Latest news from the Xtreme Everest expedition 

27/03/2013 00:00 

The first sets of twins have now been tested at the Namche Bazaar laboratory in north-eastern Nepal in the first leg of the XtremeEverest 2 scientific expedition, which includes UCL, UCLH, and BRC-supported researchers. The first set of Sherpa subjects have completed all of their testing and are on the way back from base camp.

Kay Mitchell and Professor Monty Mythen (wearing white t-shirts) outside the Namche Bazaar laboratory

Kay Mitchell and Professor Monty Mythen (wearing white t-shirts) outside the Namche Bazaar laboratory

The ‘Sherpa capital’ Namche, which has an altitude of 3,500m, is home to the UCL Institute of Sports Exercise and Health (ISEH) High Altitude Research Group. 

The Namche Laboratory has been built over the last two weeks to provide five rooms kitted out with sophisticated scientific equipment flown in from London to enable the study of human physiology to the highest standards. The laboratory is staffed by a team of 10 volunteer scientists from around the globe led by Professor Monty Mythen, Director of Research at UCLH, and managed by Kay Mitchell, Senior Research Manager and Acting Managing Director of the Centre for Nurse and Midwife-led Research.

This latest expedition continues the work of the Caudwell Xtreme Everest expedition in 2007 to study hypoxia – a lack of oxygen reaching the body's vital organs and a common problem for intensive care patients.

As in the earlier expedition, a dedicated team of doctors, nurses and scientists including UCL, UCLH, and BRC-supported researchers, have embarked on a trip to Mount Everest to conduct experiments on themselves and other volunteers at high altitude in order to develop novel therapies to improve the survival rates of their patients.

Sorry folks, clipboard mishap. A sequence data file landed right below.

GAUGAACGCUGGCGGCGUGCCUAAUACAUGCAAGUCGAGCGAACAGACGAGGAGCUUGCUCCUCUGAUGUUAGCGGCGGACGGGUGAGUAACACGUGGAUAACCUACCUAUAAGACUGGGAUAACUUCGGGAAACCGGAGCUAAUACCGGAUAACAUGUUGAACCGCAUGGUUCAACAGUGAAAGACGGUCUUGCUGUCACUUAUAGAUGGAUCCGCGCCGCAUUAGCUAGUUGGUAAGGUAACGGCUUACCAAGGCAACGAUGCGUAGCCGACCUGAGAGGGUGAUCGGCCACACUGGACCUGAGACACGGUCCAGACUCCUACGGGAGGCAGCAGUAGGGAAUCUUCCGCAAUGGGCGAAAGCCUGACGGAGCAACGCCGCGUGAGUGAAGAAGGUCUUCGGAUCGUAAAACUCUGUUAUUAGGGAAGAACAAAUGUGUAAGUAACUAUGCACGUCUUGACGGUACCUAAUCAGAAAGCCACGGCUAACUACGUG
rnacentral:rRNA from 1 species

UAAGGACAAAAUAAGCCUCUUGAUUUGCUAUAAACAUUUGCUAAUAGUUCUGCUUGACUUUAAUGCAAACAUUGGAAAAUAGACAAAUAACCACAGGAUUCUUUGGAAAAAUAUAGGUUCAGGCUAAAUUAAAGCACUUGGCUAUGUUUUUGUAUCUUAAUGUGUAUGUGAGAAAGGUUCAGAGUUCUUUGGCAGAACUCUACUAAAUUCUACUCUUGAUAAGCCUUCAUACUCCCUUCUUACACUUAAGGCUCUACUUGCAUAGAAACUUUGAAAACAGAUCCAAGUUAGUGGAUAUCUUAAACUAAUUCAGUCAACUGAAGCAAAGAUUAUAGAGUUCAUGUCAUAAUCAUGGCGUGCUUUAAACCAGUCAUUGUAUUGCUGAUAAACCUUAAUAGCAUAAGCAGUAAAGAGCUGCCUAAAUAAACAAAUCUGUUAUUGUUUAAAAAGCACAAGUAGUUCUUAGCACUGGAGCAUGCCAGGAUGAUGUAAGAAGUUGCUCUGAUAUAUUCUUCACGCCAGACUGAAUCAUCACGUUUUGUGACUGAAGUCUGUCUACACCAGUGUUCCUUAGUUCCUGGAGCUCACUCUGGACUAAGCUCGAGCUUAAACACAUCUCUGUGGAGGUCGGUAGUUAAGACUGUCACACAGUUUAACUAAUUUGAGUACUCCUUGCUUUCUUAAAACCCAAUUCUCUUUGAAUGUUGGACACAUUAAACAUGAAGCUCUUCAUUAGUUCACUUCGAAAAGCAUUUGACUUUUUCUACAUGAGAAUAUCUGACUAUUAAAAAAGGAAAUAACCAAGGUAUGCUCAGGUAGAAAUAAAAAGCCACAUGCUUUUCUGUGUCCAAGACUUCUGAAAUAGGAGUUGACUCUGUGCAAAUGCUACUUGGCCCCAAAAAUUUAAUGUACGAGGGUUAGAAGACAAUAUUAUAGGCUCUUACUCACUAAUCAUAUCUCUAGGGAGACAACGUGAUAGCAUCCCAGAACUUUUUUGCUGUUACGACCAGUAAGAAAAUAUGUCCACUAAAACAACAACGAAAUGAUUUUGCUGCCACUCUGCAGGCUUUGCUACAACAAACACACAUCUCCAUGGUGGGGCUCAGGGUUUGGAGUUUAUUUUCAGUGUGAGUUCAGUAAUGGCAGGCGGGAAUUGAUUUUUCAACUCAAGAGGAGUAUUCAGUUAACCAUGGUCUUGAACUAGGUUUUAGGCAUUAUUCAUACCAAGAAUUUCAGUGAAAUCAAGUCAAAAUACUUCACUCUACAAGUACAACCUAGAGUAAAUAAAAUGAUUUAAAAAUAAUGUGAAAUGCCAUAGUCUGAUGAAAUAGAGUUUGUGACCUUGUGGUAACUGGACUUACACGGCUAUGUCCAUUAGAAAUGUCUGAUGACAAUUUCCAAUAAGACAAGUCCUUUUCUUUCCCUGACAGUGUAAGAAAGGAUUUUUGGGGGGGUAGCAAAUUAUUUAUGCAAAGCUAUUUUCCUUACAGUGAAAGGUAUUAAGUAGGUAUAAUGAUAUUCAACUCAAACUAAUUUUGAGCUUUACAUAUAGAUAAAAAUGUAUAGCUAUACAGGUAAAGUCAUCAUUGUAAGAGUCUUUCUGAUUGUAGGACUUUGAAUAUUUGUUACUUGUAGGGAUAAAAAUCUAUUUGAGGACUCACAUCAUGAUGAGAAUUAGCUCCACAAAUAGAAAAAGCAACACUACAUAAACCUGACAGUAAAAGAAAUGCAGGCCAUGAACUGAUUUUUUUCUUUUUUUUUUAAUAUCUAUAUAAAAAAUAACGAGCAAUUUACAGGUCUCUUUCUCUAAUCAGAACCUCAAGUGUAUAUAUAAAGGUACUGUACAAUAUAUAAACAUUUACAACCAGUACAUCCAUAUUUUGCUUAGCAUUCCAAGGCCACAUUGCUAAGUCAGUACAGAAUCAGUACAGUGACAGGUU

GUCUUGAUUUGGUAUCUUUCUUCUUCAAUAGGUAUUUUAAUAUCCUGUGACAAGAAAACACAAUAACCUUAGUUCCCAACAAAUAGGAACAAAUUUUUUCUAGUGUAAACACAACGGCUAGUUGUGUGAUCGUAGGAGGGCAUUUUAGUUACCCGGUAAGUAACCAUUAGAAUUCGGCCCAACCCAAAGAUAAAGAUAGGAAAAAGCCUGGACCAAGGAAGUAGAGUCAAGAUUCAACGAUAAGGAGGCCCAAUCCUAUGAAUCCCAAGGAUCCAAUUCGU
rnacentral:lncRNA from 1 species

Despite intensive care being one of the most sophisticated areas of hospital care, there is still limited understanding of why some people survive and some die.

Because it is difficult to study patients in intensive care units, the team volunteer themselves as subjects. In addition, the team will be carrying out by far the largest comparative physiological study of Sherpas trekking to high altitude ever.  

Comparable to the critical conditions of intensive care, oxygen levels on Everest’s summit are a third of those at sea level - similar to those experienced by patients in intensive care. In the first expedition, the team even performed tests on themselves in the ‘Death Zone’ (at an altitude where there is barely enough oxygen to support life). In addition, 208 volunteer subjects joined the 2007 expedition, trekking to Everest Base Camp so that they could provide invaluable data about how they adapted to the low levels of oxygen found at this altitude.

The Sherpa people appear to tolerate hypoxia remarkably well compared to low landers but classical physiological measures of heart and lung performance have yet to explain the overt difference in performance characteristics at altitude.

64 Sherpas have volunteered to trek to Everest base camp and be studied in great detail over the next eight weeks alongside 100 non-Sherpa lowlanders, including adult twins and children. The majority of the Sherpas that will be studied now live at relative low altitudes making this a completely unique study of this scale and detail.

The Sherpa trekkers completed baseline testing in Kathmandu in the Xtreme Everest Laboratory set up in a local hotel by Professor Mike Grocott of Southampton University (ex UCL) and a team of 10 scientists.

The Sherpa teams leftNamche after two days of testing to trek to Everest Base camp where Dr Dan Martin (UCL Surgery and Expedition Leader) and a 13 strong team have set up the third and highest set of laboratories for Xtreme Everest 2. 

The equipment and staff at Namche are funded in part by The NIHR University College London Hospitals BRC, The UCLH Special Trustees, the ISEH and Smiths Medical.

Xtreme Everest is a not for profit organisation, led by doctors and scientists from UCL, University of Southampton and Duke University in the United States.

For updates from the Xtreme Everest 2 team visit



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